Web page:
Both plays are accompanied by a fine ensemble of seven musicians playing a variety of period instruments, and designer Jenny Tiramani has fashioned costumes that are authentic to Shakespeare’s period down to the smallest detail.
Director Tim Carroll has the assured measure of both these works which, I have little doubt, will stand as benchmarks for Shakespeare in New York for some time to come.
(Belasco Theatre, 111 West 44th Street, 212-239-6200 or www.telecharge.com; through Feb. 7 only)
By Harry Forbes
This highly affecting musical drama, based on Alison Bechdel’s 2006 graphic memoir, concerns a young girl’s discovery of her own sexuality and revelation that her father, an eccentric collector who ran a funeral home, was, in fact, leading a double life.
The exceptional cast includes Michael Cerveris, in peak form as the conflicted father, Judy Kuhn as his long-suffering wife, and Sydney Lucas, Alexandra Socha, and Beth Malone as the child, teenaged, and adult Alison respectively. Roberta Colindrez plays Joan, Alison’s college buddy who helps Alison find herself. Joel Perez plays a few of the young men who catch the wandering eye of the father. All are superb.
Jeanine Tesori has done her usual exemplary work with a score that springs naturally from the text and enhances the drama, and Lisa Kron has fashioned a fine book and intelligent lyrics.
Director Sam Gold builds the drama as forcefully as if it was a straight play, juggling the overlapping time periods seamlessly, enhanced by David Zinn’s versatile setting and apt costumes, and Ben Stanton’s atmospheric lighting.
Chris Fenwick on keyboard keeps musicians and actors beautifully in sync with this most unusual and moving musical.
(The Public Theater, 425 Lafayette Street, (212) 967-7555 or www.publictheater.org; through Dec. 1)
Photo: Joan Marcus. (l.-r.) Sydney Lucas and Michael Cerveris.
Wednesday, November 13, 2013
There’s no denying it’s a treat to see those great British actors Eileen Atkins and Michael Gambon in the intimate space of 59E59 with a fine supporting cast including veteran Frank Grimes, a Tony nominee for “Borstal Boy” in 1970, and all directed by Trevor Nunn no less.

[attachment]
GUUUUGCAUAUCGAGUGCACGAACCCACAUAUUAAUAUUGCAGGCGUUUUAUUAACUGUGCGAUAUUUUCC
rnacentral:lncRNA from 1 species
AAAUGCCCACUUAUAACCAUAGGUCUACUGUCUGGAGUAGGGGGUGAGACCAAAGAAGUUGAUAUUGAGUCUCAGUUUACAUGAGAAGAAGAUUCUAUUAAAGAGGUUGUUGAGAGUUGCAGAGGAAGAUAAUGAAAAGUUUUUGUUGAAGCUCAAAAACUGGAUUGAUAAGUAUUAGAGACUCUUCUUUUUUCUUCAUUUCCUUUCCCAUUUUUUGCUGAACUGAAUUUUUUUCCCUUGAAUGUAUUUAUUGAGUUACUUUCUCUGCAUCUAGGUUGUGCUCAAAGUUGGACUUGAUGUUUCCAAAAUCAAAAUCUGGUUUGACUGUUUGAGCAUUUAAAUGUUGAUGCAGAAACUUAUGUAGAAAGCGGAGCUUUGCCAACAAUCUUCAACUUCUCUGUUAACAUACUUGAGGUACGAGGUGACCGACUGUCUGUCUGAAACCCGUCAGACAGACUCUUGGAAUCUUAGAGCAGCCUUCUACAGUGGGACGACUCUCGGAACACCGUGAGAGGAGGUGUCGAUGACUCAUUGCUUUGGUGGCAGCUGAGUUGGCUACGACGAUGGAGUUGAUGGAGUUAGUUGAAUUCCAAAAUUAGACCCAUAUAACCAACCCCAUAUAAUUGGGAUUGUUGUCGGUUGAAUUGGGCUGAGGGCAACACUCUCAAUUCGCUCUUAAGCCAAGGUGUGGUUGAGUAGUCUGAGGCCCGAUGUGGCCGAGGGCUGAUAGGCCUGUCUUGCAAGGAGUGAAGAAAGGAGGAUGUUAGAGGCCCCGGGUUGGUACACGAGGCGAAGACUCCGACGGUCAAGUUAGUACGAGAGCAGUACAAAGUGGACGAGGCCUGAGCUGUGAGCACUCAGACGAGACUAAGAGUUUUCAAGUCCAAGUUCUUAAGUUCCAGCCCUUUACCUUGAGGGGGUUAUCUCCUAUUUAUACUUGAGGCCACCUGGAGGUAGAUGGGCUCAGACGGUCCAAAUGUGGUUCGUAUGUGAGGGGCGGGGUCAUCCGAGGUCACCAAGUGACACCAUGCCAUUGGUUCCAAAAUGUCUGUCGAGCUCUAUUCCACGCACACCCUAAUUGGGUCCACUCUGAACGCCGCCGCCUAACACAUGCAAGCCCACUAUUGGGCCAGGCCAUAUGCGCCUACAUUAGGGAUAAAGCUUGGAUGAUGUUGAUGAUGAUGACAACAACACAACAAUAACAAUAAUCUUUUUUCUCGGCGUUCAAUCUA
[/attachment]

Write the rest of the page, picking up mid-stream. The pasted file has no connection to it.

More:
What some might consider the rub is their chosen vehicle: a 1957 radio play by Samuel Beckett, which his estate dictated be always performed as such. Thus, Cherry Truluck’s set design is a radio studio with the actors formally lined up on either side of the stage, scripts in hand (also specified by the estate), until it’s there turn to speak. Radio sound effects abound; if Atkins walks across the stage, for instance, we hear off-stage footsteps signaling her movements to the "broadcast" audience.
The play, set in Ireland, is not without humor, but despite the jolly visages of the stars on the production’s poster, this is hardly a knee-slapper; in fact, writing the piece profoundly depressed the playwright himself. But among the lighter moments is some amusing physical business about getting elderly obese Mrs. Rooney into a truck.
Atkins’ recounting of her journey to pick up her blind husband from an arriving train – meeting, along the way, a young man with a dung cart (Ruairi Conaghan), an old man on a bicycle (Grimes), a racecourse clerk (Trevor Cooper) in a car, and pious Miss Fitt (Catherine Cusack) – becomes ultimately taxing, despite the actress’s superb delivery.
Still, she skillfully shows how her complaining character, though unhappy, is ever game nonetheless. And however much the weight of the world seems to burden her, she remains touchingly resilient. Gambon joins her about halfway through the play’s intermission-less 75 minutes, and demonstrates both sly wit and considerable ferocity at key moments.
A sinister tone underscores the work, as Mrs. Rooney’s unanswered queries about why the train was delayed become increasingly ominous. And end-of-life matters and death are never far away even in the Beckett’s lighter moments.
Technical credits here are all top notch. Paul Groothuis’ sound design in particular, so important given the radio performance conceit, is impeccable. Nunn’s direction is sensitively attuned to Beckett’s unique rhythms.
The production played London’s intimate Jermyn Street and Arts Theatres, both the equivalent of Off-Broadway venues here, and has come with cast intact. With the great Atkins and Gambon in top form, both runs were quick sell-outs. Off-putting though this play can be, you owe it to yourself to catch these two pros while you can.
(59E59 Theaters, 212-279-4200 or www.59e59.org; through Dec. 8)
Photo by Carol Rosegg: Michael Gambon and Eileen Atkins
Wednesday, November 6, 2013
“After Midnight” gets my vote as the most richly entertaining musical on Broadway at the moment. Ultra-stylish, endlessly inventive, and marvelously performed, this evocation of the glory days of Harlem’s Cotton Club is pure heaven from start to finish, the kind of show that has you checking your watch in the hope that the 90-minute running time won’t be soon coming to an end.